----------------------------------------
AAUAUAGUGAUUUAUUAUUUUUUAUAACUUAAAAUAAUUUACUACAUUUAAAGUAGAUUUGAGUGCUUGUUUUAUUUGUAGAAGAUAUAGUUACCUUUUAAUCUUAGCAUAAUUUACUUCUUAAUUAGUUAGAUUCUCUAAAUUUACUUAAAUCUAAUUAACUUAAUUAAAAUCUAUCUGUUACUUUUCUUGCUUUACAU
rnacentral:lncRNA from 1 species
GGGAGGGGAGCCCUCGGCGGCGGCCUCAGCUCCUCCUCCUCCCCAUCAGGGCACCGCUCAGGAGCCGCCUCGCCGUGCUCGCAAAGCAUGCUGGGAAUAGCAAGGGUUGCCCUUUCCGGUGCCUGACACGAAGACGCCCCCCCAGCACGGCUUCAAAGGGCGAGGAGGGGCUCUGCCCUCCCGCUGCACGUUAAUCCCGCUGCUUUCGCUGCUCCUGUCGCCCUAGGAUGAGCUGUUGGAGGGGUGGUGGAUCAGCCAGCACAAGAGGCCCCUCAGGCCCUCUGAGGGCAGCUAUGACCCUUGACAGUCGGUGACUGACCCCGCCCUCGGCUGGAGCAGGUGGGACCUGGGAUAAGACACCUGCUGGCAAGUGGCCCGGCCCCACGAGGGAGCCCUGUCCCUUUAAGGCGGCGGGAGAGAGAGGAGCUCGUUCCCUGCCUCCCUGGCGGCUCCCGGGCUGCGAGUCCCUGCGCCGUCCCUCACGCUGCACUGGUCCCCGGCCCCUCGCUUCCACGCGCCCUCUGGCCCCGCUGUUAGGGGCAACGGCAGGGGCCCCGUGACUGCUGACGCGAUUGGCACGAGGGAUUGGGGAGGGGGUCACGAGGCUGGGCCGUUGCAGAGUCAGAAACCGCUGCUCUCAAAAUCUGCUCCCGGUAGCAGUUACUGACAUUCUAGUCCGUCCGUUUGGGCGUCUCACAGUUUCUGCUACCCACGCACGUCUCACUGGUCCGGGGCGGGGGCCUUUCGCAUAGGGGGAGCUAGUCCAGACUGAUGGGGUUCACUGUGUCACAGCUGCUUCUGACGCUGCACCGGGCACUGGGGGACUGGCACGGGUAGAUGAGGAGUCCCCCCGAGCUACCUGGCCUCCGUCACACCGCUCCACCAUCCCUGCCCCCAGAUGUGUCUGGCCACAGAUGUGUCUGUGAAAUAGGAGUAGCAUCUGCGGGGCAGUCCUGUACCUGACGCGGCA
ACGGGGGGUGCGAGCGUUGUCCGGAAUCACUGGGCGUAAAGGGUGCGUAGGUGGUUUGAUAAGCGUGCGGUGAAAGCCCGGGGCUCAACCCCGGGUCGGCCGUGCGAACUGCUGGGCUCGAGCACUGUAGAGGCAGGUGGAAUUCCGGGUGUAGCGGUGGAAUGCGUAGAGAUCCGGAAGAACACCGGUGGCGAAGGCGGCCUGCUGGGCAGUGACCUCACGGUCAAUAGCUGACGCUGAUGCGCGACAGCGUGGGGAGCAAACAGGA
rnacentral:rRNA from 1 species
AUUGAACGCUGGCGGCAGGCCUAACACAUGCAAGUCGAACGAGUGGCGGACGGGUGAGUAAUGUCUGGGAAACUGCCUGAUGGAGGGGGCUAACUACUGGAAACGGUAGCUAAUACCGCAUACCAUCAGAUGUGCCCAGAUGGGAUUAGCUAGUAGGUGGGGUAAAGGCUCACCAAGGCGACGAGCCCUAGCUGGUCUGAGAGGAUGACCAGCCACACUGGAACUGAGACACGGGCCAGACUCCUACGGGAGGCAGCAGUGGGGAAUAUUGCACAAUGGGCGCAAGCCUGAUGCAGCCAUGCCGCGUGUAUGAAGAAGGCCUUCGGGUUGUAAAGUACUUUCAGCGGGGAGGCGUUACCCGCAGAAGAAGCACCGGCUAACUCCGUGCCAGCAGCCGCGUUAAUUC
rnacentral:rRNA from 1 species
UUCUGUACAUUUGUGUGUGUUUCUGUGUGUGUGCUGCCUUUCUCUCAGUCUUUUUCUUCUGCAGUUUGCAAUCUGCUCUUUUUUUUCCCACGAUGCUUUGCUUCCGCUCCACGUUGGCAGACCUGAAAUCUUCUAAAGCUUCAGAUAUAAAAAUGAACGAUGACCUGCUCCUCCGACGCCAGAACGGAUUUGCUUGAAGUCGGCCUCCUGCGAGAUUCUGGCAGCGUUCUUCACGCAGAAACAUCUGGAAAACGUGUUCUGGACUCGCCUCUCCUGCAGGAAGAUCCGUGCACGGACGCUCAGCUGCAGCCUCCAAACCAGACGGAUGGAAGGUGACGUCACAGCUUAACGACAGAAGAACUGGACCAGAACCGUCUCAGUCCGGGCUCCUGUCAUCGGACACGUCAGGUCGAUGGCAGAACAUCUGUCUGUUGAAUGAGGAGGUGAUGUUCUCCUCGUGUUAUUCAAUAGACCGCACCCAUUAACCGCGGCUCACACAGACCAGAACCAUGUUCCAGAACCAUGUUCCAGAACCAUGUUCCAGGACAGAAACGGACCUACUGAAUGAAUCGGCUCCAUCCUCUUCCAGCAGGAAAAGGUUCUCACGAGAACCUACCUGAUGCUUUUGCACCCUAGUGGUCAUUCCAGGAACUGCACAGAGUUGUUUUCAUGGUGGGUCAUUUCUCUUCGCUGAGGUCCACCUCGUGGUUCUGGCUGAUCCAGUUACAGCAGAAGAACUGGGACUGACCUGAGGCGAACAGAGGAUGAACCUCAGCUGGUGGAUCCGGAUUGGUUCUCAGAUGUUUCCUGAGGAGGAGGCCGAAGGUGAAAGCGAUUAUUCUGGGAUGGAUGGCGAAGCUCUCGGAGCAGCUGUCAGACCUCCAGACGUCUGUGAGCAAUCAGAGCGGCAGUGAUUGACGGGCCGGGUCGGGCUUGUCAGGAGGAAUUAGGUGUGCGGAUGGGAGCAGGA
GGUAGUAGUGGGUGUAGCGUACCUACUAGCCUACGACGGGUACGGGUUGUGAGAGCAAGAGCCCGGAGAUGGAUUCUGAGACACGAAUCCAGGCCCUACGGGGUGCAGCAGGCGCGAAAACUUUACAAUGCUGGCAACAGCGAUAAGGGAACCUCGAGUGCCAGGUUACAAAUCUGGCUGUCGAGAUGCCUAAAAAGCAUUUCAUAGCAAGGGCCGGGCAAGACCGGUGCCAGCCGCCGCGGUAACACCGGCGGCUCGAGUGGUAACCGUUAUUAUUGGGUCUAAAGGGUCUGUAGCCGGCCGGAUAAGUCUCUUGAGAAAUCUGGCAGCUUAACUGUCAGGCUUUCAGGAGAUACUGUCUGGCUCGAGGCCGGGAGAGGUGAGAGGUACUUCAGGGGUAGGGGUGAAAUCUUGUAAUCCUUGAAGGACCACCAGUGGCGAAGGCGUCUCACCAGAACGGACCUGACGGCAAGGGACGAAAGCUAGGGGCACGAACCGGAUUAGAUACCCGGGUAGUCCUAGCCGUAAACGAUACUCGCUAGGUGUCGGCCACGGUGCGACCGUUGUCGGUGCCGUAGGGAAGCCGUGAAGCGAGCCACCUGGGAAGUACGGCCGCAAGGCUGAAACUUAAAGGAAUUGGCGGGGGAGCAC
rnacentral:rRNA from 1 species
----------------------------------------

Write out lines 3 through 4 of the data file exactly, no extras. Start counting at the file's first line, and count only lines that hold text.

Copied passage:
GGGAGGGGAGCCCUCGGCGGCGGCCUCAGCUCCUCCUCCUCCCCAUCAGGGCACCGCUCAGGAGCCGCCUCGCCGUGCUCGCAAAGCAUGCUGGGAAUAGCAAGGGUUGCCCUUUCCGGUGCCUGACACGAAGACGCCCCCCCAGCACGGCUUCAAAGGGCGAGGAGGGGCUCUGCCCUCCCGCUGCACGUUAAUCCCGCUGCUUUCGCUGCUCCUGUCGCCCUAGGAUGAGCUGUUGGAGGGGUGGUGGAUCAGCCAGCACAAGAGGCCCCUCAGGCCCUCUGAGGGCAGCUAUGACCCUUGACAGUCGGUGACUGACCCCGCCCUCGGCUGGAGCAGGUGGGACCUGGGAUAAGACACCUGCUGGCAAGUGGCCCGGCCCCACGAGGGAGCCCUGUCCCUUUAAGGCGGCGGGAGAGAGAGGAGCUCGUUCCCUGCCUCCCUGGCGGCUCCCGGGCUGCGAGUCCCUGCGCCGUCCCUCACGCUGCACUGGUCCCCGGCCCCUCGCUUCCACGCGCCCUCUGGCCCCGCUGUUAGGGGCAACGGCAGGGGCCCCGUGACUGCUGACGCGAUUGGCACGAGGGAUUGGGGAGGGGGUCACGAGGCUGGGCCGUUGCAGAGUCAGAAACCGCUGCUCUCAAAAUCUGCUCCCGGUAGCAGUUACUGACAUUCUAGUCCGUCCGUUUGGGCGUCUCACAGUUUCUGCUACCCACGCACGUCUCACUGGUCCGGGGCGGGGGCCUUUCGCAUAGGGGGAGCUAGUCCAGACUGAUGGGGUUCACUGUGUCACAGCUGCUUCUGACGCUGCACCGGGCACUGGGGGACUGGCACGGGUAGAUGAGGAGUCCCCCCGAGCUACCUGGCCUCCGUCACACCGCUCCACCAUCCCUGCCCCCAGAUGUGUCUGGCCACAGAUGUGUCUGUGAAAUAGGAGUAGCAUCUGCGGGGCAGUCCUGUACCUGACGCGGCA
ACGGGGGGUGCGAGCGUUGUCCGGAAUCACUGGGCGUAAAGGGUGCGUAGGUGGUUUGAUAAGCGUGCGGUGAAAGCCCGGGGCUCAACCCCGGGUCGGCCGUGCGAACUGCUGGGCUCGAGCACUGUAGAGGCAGGUGGAAUUCCGGGUGUAGCGGUGGAAUGCGUAGAGAUCCGGAAGAACACCGGUGGCGAAGGCGGCCUGCUGGGCAGUGACCUCACGGUCAAUAGCUGACGCUGAUGCGCGACAGCGUGGGGAGCAAACAGGA